of their hull. The little boats gather together, and place themselves under the shelter of the large ones; and these changes are sufficient to render a quarter unrecognizable even to a person who has passed through it only an instant before.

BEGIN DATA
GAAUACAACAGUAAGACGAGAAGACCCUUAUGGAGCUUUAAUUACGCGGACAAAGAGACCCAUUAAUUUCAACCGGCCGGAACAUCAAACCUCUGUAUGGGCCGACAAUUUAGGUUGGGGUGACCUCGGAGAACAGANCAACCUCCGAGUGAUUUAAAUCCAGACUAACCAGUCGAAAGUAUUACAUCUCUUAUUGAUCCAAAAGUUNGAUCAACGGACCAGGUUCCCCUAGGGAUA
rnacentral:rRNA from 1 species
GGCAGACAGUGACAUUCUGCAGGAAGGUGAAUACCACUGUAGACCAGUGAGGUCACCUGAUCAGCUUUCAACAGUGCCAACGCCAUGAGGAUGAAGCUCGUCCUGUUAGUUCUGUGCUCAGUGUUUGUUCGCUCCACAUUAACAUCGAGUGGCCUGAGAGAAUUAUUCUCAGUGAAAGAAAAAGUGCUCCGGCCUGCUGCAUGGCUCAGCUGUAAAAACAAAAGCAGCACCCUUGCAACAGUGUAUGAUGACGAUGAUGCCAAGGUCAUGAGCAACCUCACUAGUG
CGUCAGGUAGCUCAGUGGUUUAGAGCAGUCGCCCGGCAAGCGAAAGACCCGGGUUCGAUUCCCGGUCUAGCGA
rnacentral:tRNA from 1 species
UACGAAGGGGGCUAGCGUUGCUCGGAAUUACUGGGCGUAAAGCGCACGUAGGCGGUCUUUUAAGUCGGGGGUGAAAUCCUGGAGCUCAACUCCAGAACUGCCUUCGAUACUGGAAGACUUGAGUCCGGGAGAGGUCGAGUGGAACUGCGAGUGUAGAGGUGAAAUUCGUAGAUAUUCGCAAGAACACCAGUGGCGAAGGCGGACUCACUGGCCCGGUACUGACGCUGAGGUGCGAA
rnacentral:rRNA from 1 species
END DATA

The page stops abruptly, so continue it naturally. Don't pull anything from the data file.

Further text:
There are, however, a few rows of houses which always preserve their habitual physiognomy. These belong to merchants, private persons, and sometimes to public institutions. These peaceful habitations, which could never set sail, and on board of which it would be very difficult to make use of oars, seldom change their position. They are real houses, with only one side to the water, and placed on the hull of a vessel. The entrance is at the back, if there can be said to be a back. It is left wide open so as to let the air circulate freely, and the rooms have windows furnished with nankeen blinds. The pediment of the outer door is adorned with sculpture and with large characters written on red paper or cut in relief. These inscriptions generally signify happiness, prosperity, longevity. The Chinese, who are naturally not very mystical, do not care for much beyond the happiness of this world. These trading districts, with their floating habitations painted all kinds of colours, and adorned in artistic style, have really all the appearance of Chinese streets on dry land. The illusion would indeed be complete were it not for the fact that you proceed through these streets in a boat, when you